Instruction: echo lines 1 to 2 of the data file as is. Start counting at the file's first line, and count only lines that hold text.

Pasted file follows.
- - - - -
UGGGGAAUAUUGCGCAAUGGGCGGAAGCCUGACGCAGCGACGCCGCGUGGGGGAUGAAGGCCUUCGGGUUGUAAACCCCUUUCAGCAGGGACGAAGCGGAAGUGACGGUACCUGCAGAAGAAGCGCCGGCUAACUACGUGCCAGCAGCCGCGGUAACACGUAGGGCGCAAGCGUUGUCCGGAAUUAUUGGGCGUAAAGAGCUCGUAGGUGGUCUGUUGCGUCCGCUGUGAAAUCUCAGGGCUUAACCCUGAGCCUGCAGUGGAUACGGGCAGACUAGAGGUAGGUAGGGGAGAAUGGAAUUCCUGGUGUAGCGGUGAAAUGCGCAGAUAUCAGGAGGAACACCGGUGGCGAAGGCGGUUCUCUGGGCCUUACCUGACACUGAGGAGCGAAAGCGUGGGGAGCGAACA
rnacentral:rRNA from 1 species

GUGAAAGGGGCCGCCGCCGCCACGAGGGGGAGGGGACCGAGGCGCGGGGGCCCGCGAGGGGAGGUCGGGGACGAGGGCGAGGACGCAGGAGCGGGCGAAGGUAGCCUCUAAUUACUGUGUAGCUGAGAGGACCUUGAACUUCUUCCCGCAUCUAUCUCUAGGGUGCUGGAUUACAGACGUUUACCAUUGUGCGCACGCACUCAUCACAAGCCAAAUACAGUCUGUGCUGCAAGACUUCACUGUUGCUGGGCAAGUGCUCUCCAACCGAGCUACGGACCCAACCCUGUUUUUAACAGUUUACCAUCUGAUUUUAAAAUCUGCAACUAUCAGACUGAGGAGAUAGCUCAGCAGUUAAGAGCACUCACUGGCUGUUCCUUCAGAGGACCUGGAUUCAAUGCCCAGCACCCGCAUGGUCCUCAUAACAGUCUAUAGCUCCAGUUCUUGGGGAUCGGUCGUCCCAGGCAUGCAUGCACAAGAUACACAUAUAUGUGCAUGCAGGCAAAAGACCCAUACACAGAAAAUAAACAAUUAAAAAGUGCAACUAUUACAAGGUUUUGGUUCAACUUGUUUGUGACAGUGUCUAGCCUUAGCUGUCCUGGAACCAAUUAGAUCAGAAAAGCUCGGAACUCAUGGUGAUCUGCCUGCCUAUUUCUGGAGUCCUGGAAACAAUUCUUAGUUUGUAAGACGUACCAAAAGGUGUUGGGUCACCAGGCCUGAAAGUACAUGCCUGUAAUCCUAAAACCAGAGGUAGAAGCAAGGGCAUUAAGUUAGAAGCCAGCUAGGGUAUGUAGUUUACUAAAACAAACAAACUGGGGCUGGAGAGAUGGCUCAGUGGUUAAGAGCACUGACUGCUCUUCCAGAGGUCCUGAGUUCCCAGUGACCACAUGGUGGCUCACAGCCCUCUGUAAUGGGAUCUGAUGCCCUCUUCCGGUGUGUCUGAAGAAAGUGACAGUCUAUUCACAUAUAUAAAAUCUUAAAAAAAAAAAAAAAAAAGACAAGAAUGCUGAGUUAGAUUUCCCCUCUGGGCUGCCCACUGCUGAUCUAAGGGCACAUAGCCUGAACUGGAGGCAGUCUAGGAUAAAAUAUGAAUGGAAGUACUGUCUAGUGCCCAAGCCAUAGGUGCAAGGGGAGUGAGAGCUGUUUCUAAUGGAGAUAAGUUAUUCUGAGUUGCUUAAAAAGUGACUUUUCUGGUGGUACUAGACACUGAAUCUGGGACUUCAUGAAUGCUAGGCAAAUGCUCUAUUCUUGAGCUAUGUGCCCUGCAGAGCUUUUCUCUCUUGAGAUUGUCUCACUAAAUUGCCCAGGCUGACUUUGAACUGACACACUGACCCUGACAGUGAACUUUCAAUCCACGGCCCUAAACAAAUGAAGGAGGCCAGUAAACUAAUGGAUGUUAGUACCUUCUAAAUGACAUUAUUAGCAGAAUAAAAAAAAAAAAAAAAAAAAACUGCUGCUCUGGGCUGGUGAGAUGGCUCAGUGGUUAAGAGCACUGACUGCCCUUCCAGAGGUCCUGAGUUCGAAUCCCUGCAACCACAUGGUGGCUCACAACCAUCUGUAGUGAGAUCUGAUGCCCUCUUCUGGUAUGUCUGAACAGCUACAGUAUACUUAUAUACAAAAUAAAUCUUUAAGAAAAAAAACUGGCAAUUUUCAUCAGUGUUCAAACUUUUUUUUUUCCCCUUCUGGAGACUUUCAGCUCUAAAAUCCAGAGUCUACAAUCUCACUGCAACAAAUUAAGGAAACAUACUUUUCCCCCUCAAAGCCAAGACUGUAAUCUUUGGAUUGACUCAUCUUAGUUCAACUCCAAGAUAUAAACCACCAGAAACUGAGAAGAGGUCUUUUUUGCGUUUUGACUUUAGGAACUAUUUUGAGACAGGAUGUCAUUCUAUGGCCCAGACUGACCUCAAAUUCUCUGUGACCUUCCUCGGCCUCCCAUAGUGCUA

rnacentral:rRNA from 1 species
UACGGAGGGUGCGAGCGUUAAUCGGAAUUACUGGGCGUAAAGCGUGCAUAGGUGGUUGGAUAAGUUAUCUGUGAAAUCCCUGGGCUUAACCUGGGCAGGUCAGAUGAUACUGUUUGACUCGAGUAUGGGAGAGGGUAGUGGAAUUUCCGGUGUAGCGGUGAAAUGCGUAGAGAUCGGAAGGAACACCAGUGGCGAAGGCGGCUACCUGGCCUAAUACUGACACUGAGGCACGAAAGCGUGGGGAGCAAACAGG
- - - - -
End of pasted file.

UGGGGAAUAUUGCGCAAUGGGCGGAAGCCUGACGCAGCGACGCCGCGUGGGGGAUGAAGGCCUUCGGGUUGUAAACCCCUUUCAGCAGGGACGAAGCGGAAGUGACGGUACCUGCAGAAGAAGCGCCGGCUAACUACGUGCCAGCAGCCGCGGUAACACGUAGGGCGCAAGCGUUGUCCGGAAUUAUUGGGCGUAAAGAGCUCGUAGGUGGUCUGUUGCGUCCGCUGUGAAAUCUCAGGGCUUAACCCUGAGCCUGCAGUGGAUACGGGCAGACUAGAGGUAGGUAGGGGAGAAUGGAAUUCCUGGUGUAGCGGUGAAAUGCGCAGAUAUCAGGAGGAACACCGGUGGCGAAGGCGGUUCUCUGGGCCUUACCUGACACUGAGGAGCGAAAGCGUGGGGAGCGAACA
rnacentral:rRNA from 1 species